The Finals MVP Award: A true gauge of the greatest of all-time
What is the criteria to be deemed the greatest player of all-time? It's a mantle that can't ever truly be awarded or bestowed, but it's a subjective debate that rages on eternally, nonetheless. Is it Michael Jordan? Is it LeBron James? Kobe Bryant? Wilt Chamberlain? Magic Johnson? The list goes on just like the perpetual journey to basketball immortality.
Ostensibly speaking, there are some accolades or parameters than can measure a player's greatness. Statistics are such a huge component of basketball and production on the court is, of course, paramount to a player's value. They live and die by their output and putting up career-high numbers can be the difference between the paltry $981,348 Hassan Whiteside has earned this season and the almost certain max-contract he will enjoy following free agency this summer.
But that's money, not a man's legacy. Being the greatest pertains to winning and hanging banners in rafters. Titles on their own don't equate to legendary status; being a functioning cog on a very successful team doesn't grant the same superstar billing as the standout performers in those units. For instance, Bill Russell holds the record for most NBA titles with 13 throughout his illustrious career, but the next seven on the list are teammates he had with the Boston Celtics through the late '50s and '60s.
Does that make them as great as the legendary Russell? Of course not. Is Robert Horry, who won seven titles with three different franchises, therefore, the second greatest player of all-time? It makes him a great teammate, but not the best player to ever lace up his sneakers. Conversely, there have been plenty of incredible players to never enjoy the good fortune of a championship-winning campaign. Allen Iverson is one of the finest point guards to ever grace the hardwood.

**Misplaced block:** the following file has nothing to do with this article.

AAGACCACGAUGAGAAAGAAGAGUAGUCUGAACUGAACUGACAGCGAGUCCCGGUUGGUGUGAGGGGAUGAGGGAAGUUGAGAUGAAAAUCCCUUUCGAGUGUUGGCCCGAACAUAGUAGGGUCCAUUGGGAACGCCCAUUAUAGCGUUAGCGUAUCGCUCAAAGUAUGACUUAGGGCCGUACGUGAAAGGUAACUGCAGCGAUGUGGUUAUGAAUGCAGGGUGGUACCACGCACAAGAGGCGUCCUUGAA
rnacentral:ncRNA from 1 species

His blink-and-you-miss-it crossover and explosive speed made his handles almost impossible to deal with. Charles Barkley, Steve Nash, Karl Malone, John Stockton and Elgin Baylor all have empty fingers, too. Some of the greatest in the world today like Kevin Durant, Carmelo Anthony and Chris Paul, for all their All-Star accomplishments and various awards, have not been able to hang a championship banner in their respective rafters.
So, if titles do not necessarily equate to the lofty perch of the game's greatest, what does? The regular-season MVP award has served as a broad indicator of who is the best player in the league since the 1955-56 campaign. Kareem Abdul-Jabbar holds the record for MVP wins with six, closely followed by two more household names; another formidable center in Russell, and now Charlotte Hornets owner Jordan, with five. LeBron James is the only active player within touching distance of the record and at 31-years-old, with four MVP awards under his belt, two more certainly wouldn't be out of the question.
"One thing I believe to the fullest is that if you think and achieve as a team, the individual accolades will take care of themselves. Talent wins games, but teamwork and intelligence win championships." - Michael Jordan
Michael Jordan is a virtual bible for motivational quotes. These aren't epiphanies and life directives from a part-time shop assistant on Facebook, these were the inner-workings of one of the most decorated stars the game had ever seen. The six-time NBA champion shared his outlook on personal accolades versus team goals: “There are plenty of teams in every sport that have great players and never win titles. Most of the time, those players aren't willing to sacrifice for the greater good of the team. The funny thing is, in the end, their unwillingness to sacrifice only makes individual goals more difficult to achieve. One thing I believe to the fullest is that if you think and achieve as a team, the individual accolades will take care of themselves. Talent wins games, but teamwork and intelligence win championships."